Intel follows AMDs lead again?

Don't you just love provocative headlines like that? The first thing that pops to mind might have been "Ah, he's talking about the new dual core CPUs that Intel is shipping" or "Oh, that's probably a something having to do with lower power CPUs for laptops."

Nope. In this case, I'm talking about Intel following AMD's lead in abandoning 386 and 486 CPUs. AMD abandoned their 486 and 586 line back in 2002. Intel recently announced that they would no longer be producing 386, 486, and some other RISC processors after September 2007.

Although neither an earth-shattering announcement nor one that will probably shock the computer industry, it's interesting from a couple of angles. First, there's the whole history and End-Of-An-Era thing that the production end means. Secondly, there's the "wow" factor that Intel has still been able to sell these CPU classes 15 years after their peak popularity.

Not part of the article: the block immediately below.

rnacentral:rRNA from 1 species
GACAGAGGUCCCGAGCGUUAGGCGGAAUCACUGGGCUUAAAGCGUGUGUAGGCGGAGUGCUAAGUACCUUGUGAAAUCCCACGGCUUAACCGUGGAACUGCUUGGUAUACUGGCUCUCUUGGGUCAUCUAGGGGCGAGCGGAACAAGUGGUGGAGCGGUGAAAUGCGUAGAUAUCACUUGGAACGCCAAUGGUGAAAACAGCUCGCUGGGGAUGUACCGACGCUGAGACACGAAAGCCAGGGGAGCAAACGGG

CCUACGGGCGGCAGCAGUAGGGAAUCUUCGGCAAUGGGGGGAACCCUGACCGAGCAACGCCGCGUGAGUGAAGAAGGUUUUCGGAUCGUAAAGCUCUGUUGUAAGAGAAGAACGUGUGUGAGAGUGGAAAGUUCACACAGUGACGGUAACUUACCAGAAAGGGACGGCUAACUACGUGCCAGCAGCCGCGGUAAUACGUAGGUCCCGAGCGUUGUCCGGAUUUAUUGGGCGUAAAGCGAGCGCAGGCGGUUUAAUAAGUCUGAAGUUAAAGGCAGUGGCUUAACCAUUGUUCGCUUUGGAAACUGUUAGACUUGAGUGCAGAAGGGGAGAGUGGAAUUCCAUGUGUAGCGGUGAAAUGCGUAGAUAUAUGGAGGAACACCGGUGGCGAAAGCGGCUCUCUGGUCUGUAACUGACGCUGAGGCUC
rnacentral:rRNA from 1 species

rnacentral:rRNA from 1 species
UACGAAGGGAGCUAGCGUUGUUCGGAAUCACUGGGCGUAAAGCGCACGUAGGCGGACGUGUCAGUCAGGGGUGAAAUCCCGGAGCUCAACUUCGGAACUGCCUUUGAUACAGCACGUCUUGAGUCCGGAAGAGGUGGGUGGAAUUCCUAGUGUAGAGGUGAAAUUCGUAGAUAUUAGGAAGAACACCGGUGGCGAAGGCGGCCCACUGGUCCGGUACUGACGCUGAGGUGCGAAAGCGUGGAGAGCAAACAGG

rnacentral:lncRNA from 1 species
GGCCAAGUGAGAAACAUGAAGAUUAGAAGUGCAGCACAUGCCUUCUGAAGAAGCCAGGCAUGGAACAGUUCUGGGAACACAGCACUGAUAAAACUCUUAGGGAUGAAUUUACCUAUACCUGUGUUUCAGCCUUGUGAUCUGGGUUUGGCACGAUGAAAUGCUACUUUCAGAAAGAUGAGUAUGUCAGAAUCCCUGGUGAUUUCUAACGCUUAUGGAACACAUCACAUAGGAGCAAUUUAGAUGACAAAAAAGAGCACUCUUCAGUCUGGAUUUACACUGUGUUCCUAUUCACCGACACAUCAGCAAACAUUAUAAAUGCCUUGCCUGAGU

From the historical perspective, the 386-class CPUs changed the entire PC industry. Back before the first George Bush was in office, the 386 CPU ushered in the era of 32-bit computing that we're only now starting to see the end of. By adopting the 386 before IBM, Compaq put itself on the map and led to the overthrow of the entire IBM PC empire. Mated with Windows 3.1 and then Windows 95, the 386/486 securely placed Microsoft at the top of the software industry.

People long forgot about those CPUs. Before the turn of the century the Pentium line and its successors had made the 386 and 486 CPUs essentially obsolete. The CPUs have lived on as embedded processors, still crunching data bits inside of devices such as network controllers and data acquisition devices.

So, even though Intel will still be cranking out the creaky silicon for another year, the end is on the horizon. While we're pounding away on dual core processors and looking forward to 64-bit and quad-core processors for every day use, all we can say is "The King is Dead! Long Live the King!"

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